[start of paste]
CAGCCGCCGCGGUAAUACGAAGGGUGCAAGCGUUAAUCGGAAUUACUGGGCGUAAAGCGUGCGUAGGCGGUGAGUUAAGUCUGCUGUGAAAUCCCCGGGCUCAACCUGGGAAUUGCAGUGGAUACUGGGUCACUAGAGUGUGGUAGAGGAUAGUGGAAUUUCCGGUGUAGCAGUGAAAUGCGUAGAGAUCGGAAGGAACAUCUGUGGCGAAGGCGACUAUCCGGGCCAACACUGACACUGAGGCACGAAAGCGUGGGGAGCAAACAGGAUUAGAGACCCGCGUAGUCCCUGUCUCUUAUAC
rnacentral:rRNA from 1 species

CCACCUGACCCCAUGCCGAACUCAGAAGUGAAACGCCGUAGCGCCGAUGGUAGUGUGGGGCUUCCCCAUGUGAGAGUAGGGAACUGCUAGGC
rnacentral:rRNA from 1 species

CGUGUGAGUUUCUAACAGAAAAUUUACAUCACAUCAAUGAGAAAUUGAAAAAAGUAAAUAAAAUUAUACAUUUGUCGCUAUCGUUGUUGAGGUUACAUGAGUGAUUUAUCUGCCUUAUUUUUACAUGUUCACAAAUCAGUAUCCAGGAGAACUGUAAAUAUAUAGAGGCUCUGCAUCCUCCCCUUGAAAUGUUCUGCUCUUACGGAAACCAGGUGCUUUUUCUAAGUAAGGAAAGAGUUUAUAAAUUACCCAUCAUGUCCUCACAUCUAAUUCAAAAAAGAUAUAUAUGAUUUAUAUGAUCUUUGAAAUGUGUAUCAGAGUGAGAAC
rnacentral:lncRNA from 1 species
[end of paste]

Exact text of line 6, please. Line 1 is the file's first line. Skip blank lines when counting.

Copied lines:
rnacentral:lncRNA from 1 species